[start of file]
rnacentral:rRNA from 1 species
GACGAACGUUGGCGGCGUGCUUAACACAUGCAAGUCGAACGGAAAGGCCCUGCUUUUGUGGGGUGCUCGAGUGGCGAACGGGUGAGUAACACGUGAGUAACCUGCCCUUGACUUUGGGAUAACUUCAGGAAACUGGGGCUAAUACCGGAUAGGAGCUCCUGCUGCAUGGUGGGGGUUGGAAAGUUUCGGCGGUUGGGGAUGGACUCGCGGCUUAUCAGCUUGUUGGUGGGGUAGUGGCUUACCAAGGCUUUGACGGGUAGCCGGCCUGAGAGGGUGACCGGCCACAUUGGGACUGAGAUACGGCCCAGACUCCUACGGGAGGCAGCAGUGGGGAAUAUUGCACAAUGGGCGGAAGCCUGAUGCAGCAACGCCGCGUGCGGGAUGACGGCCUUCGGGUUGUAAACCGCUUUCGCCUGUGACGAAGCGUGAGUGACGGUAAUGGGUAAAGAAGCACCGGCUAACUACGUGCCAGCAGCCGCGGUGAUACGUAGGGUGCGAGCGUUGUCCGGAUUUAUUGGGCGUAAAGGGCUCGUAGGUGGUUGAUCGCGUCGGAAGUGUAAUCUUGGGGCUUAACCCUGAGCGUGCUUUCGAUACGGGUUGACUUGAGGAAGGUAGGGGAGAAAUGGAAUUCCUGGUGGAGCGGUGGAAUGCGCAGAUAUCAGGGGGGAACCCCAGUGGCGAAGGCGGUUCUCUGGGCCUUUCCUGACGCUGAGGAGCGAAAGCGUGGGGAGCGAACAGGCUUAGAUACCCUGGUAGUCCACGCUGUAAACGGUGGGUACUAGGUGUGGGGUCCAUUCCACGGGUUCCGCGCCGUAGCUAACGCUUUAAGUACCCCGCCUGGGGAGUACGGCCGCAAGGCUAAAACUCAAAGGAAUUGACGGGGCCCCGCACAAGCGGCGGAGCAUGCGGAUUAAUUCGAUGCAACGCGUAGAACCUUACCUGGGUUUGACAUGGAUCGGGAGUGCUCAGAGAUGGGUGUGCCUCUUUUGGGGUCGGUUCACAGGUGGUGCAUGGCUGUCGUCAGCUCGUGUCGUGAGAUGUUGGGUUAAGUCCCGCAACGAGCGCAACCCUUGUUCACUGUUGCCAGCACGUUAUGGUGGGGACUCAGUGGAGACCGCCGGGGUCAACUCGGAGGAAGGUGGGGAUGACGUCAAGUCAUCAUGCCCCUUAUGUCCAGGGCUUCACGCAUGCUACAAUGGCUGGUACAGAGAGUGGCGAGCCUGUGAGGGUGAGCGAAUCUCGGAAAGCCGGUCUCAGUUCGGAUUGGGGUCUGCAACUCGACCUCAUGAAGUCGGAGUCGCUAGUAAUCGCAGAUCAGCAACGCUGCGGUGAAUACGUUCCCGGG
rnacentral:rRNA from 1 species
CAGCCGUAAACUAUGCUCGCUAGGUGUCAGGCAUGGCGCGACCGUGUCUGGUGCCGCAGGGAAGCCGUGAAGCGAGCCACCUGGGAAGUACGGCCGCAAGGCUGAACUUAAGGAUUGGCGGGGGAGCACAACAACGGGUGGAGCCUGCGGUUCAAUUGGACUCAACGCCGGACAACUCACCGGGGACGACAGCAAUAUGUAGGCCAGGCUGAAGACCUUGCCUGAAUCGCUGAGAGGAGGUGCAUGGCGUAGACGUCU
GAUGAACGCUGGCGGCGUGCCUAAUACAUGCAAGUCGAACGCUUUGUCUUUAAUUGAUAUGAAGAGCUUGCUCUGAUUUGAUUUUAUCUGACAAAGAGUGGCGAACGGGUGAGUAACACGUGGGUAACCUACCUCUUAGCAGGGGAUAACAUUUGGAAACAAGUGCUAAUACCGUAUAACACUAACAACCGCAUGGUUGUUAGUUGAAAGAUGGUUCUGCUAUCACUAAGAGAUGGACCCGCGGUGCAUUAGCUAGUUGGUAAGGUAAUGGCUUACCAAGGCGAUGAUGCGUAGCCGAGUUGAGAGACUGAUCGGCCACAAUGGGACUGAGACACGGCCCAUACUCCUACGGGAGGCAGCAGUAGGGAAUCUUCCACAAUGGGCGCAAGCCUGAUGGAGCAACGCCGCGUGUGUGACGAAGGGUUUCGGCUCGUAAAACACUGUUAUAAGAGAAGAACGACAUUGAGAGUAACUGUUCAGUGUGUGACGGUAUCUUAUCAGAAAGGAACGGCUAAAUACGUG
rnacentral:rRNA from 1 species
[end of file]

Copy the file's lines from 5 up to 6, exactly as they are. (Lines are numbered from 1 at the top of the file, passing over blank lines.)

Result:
GAUGAACGCUGGCGGCGUGCCUAAUACAUGCAAGUCGAACGCUUUGUCUUUAAUUGAUAUGAAGAGCUUGCUCUGAUUUGAUUUUAUCUGACAAAGAGUGGCGAACGGGUGAGUAACACGUGGGUAACCUACCUCUUAGCAGGGGAUAACAUUUGGAAACAAGUGCUAAUACCGUAUAACACUAACAACCGCAUGGUUGUUAGUUGAAAGAUGGUUCUGCUAUCACUAAGAGAUGGACCCGCGGUGCAUUAGCUAGUUGGUAAGGUAAUGGCUUACCAAGGCGAUGAUGCGUAGCCGAGUUGAGAGACUGAUCGGCCACAAUGGGACUGAGACACGGCCCAUACUCCUACGGGAGGCAGCAGUAGGGAAUCUUCCACAAUGGGCGCAAGCCUGAUGGAGCAACGCCGCGUGUGUGACGAAGGGUUUCGGCUCGUAAAACACUGUUAUAAGAGAAGAACGACAUUGAGAGUAACUGUUCAGUGUGUGACGGUAUCUUAUCAGAAAGGAACGGCUAAAUACGUG
rnacentral:rRNA from 1 species